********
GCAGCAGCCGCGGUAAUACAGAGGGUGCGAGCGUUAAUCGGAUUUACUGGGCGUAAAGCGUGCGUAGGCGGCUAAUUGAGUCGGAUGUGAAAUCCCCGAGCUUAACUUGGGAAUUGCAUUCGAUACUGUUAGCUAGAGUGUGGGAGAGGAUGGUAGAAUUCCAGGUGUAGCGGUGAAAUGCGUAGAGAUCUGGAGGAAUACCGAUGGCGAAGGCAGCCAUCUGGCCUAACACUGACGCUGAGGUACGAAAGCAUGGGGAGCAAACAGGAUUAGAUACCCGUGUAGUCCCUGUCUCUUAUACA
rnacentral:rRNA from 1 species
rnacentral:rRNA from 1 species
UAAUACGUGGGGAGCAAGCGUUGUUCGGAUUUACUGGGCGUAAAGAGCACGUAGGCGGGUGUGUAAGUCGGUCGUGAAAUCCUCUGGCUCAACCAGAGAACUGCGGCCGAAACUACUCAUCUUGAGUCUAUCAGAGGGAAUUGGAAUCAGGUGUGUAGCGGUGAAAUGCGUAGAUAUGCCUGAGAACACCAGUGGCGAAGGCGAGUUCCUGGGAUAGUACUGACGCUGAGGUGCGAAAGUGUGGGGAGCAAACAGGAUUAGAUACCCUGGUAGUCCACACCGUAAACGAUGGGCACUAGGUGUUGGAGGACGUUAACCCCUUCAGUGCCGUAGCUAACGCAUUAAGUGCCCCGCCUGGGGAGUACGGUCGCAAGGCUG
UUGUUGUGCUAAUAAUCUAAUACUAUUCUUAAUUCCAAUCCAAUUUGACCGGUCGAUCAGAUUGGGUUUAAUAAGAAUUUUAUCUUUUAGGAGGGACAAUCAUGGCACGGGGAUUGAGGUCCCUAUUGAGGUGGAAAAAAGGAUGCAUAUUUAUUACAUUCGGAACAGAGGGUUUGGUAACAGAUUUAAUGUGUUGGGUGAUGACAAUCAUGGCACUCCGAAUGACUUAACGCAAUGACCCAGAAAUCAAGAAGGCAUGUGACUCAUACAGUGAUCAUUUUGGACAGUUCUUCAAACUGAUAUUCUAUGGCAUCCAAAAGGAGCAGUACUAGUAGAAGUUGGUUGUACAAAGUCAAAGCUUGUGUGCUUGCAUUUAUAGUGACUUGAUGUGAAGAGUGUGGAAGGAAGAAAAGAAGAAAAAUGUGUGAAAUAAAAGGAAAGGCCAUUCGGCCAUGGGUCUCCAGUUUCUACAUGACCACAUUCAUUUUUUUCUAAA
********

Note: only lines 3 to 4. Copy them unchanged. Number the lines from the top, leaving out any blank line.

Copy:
rnacentral:rRNA from 1 species
UAAUACGUGGGGAGCAAGCGUUGUUCGGAUUUACUGGGCGUAAAGAGCACGUAGGCGGGUGUGUAAGUCGGUCGUGAAAUCCUCUGGCUCAACCAGAGAACUGCGGCCGAAACUACUCAUCUUGAGUCUAUCAGAGGGAAUUGGAAUCAGGUGUGUAGCGGUGAAAUGCGUAGAUAUGCCUGAGAACACCAGUGGCGAAGGCGAGUUCCUGGGAUAGUACUGACGCUGAGGUGCGAAAGUGUGGGGAGCAAACAGGAUUAGAUACCCUGGUAGUCCACACCGUAAACGAUGGGCACUAGGUGUUGGAGGACGUUAACCCCUUCAGUGCCGUAGCUAACGCAUUAAGUGCCCCGCCUGGGGAGUACGGUCGCAAGGCUG